banking sector into France. So there is a tremendous amount of

:07:24.:07:29.

worry. I think this contagion could be avoided, this could be fought,

:07:29.:07:33.

but it would need real leadership at the European level. Instead,

:07:33.:07:39.

what we have is a lot of confusion a lot of division, and

:07:39.:07:45.

nationalistic politics rather than European-wide determination to

:07:45.:07:48.

protect and preserve the euro. That is what I would have expected see

:07:48.:07:52.

from European politicians, but we are not seeing it very clearly.

:07:52.:07:55.

sounds like you don't think anyone really has a clear plan for getting

:07:55.:08:01.

us out of this mess. Let me ask you, bluntly, do you blame globalisation

:08:01.:08:07.

for the position we are now in? Globalisation has really shaken our

:08:07.:08:11.

economies, it has shaken the manufacturing sector in Europe and

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in the United States. We could respond to it, and woe need to spon

:08:16.:08:20.

to it, I believe that - and we need to respond to it. I believe long-

:08:20.:08:25.

term, properly planned public investments in infrastructure and

:08:25.:08:28.

upgrading skills in a new energy system, which both sides of the

:08:28.:08:32.

Atlantic, and indeed the whole world need, this is something that

:08:32.:08:36.

should have been done, instead what we had was short-term stimulus to

:08:36.:08:41.

try to keep a consumption bubble alive. That petered out. And now,

:08:41.:08:48.

what we have is a reversion to kind of plain vanilla austerity measures

:08:48.:08:53.

which also don't give prospects of economic growth. So there are ways

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to do things that we need to do, we need public investments desperately

:08:58.:09:01.

to modernise our economies to upgrade skills, to train workers to

:09:01.:09:06.

be able to compete in a highly competitive global economy. In

:09:06.:09:13.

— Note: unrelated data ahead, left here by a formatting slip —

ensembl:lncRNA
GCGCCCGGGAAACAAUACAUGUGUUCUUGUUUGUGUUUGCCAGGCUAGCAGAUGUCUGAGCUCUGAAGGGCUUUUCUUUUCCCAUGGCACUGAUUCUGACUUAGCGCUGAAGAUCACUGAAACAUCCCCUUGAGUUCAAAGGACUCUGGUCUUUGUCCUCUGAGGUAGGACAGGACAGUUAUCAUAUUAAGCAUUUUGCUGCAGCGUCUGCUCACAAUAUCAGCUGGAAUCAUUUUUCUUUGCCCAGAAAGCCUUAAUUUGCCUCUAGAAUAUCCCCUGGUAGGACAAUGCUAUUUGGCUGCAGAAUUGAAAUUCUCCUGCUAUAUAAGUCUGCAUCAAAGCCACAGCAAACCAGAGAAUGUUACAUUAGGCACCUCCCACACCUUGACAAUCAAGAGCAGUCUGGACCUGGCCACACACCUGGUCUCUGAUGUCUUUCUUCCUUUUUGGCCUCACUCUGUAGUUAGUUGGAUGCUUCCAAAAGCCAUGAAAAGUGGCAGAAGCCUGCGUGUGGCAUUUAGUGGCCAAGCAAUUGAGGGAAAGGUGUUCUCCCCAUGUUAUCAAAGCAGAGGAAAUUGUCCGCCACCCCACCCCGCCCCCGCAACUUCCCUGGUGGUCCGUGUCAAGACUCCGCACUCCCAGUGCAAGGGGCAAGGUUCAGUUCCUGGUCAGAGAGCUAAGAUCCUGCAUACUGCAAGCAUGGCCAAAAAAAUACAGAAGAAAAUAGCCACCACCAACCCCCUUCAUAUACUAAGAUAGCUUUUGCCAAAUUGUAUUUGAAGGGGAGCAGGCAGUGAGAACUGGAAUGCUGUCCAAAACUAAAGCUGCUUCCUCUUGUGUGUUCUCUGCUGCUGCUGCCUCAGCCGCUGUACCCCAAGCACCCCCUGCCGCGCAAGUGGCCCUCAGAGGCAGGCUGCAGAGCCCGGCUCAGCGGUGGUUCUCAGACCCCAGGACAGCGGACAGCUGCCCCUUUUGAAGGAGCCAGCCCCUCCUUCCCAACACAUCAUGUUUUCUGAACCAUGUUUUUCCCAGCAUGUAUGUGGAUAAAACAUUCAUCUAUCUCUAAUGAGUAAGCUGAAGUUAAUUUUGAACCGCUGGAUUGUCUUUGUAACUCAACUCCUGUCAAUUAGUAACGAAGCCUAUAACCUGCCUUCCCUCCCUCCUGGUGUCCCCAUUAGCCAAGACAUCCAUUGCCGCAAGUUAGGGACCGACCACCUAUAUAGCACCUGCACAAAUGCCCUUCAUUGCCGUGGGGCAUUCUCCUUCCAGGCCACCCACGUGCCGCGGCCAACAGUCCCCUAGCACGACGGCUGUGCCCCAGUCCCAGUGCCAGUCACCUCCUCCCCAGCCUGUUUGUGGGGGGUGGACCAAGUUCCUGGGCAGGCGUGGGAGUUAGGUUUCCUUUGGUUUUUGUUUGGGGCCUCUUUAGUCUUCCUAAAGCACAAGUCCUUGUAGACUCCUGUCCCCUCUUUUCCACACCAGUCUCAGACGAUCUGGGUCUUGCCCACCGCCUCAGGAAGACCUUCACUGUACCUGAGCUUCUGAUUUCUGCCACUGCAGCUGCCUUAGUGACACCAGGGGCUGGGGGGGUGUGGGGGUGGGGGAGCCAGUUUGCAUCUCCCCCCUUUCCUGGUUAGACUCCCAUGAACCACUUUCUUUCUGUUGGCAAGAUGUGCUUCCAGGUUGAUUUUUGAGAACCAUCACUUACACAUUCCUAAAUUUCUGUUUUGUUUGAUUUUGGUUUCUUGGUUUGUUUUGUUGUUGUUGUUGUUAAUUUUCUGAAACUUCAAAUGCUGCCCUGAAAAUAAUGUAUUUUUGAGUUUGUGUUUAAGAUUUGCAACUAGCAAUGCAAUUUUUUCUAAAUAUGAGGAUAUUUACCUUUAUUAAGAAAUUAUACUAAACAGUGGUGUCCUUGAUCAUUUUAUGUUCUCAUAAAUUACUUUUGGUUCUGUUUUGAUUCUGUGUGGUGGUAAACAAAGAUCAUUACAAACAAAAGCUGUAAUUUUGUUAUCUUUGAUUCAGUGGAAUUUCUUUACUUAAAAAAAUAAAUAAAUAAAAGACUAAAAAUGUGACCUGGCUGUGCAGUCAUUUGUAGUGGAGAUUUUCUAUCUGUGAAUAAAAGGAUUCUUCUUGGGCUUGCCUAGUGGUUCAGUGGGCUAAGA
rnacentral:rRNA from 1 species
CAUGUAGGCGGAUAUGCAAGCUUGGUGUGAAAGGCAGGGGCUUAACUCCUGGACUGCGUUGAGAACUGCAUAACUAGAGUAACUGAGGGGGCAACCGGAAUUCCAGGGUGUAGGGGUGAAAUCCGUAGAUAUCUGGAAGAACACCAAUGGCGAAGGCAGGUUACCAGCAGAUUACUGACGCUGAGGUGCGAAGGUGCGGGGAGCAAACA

other words, globalisation hasn't failed so much as it has challenged

:09:13.:09:17.

the transatlantic economies, desperately, and we have not

:09:17.:09:22.

responded it. A lot of the world is growing fast, it is the high income

:09:22.:09:26.

economies that did not react properly to globalisation at this

:09:26.:09:30.

point. They want consumption-led growth, but that won't work. In a

:09:30.:09:33.

sense it is too late to challenge globalisation now, the kind of

:09:33.:09:37.

things you are putting forward sound very reasonable, but they are

:09:37.:09:42.

politically, virtually impossible at this point in the cycle? I don't

:09:42.:09:45.

think they are politically impossible, it is just that our

:09:45.:09:50.

politicians were looking for short- term gimmicks, short-term gimmicks

:09:50.:09:54.

all along. We had a consumption bubble which carried us through a

:09:54.:09:59.

part of globalisation, but that consumption bubble collapsed in

:09:59.:10:04.

2008, that was the occasion to get more serious. Instead we had more

:10:04.:10:08.

attempts to revive a consumption bubble, that more or less carried

:10:08.:10:15.

us through 2010, that finished as well. We have not seen either on

:10:15.:10:20.

the US or European side, a truly sensible response. Globalisation is

:10:20.:10:24.

not only shaking the competitiveness of a core part of

:10:24.:10:29.

the transatlantic economy, but it has also led to massive income

:10:30.:10:32.

inequalties in Europe and the United States, and the rich have

:10:32.:10:36.

basically walked off with the prize, leaving a large part of the

:10:36.:10:39.

population and the labour force, both in Europe and the United

:10:39.:10:46.

States, effectively either without jobs or without a means of the kind

:10:46.:10:55.

of middle-class suss napbs that they came to expect. And so, -

:10:55.:10:59.

sustanenca that they came to expect. Politically they haven't looked

:10:59.:11:04.

long-term. We still have to do it, there are no short-term gimmicks

:11:04.:11:10.